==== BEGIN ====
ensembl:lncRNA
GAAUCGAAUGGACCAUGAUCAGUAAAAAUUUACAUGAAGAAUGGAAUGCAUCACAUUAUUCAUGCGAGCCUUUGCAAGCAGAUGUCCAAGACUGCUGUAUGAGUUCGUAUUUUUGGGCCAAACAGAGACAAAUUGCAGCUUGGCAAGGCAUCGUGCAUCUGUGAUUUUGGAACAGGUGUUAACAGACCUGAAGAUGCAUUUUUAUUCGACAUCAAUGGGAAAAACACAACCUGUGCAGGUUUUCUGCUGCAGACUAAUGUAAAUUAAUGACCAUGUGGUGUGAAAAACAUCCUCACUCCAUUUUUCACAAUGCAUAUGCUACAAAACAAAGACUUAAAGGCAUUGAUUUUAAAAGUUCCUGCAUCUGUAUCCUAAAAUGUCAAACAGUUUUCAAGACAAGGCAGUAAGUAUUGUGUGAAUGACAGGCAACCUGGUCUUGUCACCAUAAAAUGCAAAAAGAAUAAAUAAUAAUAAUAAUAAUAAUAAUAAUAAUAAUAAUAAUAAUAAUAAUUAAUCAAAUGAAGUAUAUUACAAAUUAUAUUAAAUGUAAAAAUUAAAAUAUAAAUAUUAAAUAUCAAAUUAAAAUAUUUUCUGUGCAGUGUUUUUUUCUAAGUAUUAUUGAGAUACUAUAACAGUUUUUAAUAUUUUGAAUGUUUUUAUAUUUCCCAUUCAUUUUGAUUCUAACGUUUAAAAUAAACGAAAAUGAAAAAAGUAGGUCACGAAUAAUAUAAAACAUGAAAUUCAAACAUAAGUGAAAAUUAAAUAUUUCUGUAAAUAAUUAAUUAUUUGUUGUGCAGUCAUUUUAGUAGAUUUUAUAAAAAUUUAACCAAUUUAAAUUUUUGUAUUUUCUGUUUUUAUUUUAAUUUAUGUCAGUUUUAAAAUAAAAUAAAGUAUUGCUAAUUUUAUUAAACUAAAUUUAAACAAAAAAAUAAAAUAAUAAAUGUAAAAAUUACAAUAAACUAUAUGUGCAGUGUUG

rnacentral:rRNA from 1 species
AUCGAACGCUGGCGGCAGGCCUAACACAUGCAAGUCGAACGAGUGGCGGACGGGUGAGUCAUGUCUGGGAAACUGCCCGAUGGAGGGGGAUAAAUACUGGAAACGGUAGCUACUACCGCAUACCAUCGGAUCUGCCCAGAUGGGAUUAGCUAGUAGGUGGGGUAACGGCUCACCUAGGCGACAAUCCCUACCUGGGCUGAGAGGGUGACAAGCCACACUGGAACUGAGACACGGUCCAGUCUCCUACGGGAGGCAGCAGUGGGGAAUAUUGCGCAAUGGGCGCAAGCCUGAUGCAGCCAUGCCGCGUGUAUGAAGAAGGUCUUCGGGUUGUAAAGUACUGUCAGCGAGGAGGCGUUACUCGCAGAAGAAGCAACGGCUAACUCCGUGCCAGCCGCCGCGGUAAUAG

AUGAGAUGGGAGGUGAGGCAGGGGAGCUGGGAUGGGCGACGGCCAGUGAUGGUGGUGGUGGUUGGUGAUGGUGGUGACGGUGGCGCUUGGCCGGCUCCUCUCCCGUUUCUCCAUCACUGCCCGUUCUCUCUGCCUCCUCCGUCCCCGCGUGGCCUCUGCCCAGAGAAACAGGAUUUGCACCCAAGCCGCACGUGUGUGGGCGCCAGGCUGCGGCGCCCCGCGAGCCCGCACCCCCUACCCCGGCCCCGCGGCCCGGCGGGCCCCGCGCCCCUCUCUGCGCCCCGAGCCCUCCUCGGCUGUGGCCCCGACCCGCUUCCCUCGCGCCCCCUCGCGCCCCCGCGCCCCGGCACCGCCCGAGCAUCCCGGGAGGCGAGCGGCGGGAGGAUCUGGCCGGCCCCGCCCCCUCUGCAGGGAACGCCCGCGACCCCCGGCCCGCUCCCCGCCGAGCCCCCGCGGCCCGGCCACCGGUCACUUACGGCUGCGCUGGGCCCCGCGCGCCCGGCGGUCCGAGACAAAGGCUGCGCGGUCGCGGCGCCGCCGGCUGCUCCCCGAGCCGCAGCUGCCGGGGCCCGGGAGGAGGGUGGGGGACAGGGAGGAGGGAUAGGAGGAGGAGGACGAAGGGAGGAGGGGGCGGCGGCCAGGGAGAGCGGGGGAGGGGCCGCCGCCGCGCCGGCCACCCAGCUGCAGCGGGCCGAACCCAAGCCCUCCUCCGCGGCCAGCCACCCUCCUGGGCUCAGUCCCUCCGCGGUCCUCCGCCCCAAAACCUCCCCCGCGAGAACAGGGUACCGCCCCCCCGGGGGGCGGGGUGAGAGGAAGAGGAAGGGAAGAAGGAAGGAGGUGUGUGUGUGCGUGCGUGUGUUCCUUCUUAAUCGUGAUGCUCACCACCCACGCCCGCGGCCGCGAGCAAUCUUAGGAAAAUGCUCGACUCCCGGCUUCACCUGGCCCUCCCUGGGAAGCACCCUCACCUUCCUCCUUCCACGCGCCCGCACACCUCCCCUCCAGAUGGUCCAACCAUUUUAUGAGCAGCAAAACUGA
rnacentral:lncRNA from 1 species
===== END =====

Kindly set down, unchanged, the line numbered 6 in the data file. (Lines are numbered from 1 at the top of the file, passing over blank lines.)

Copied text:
rnacentral:lncRNA from 1 species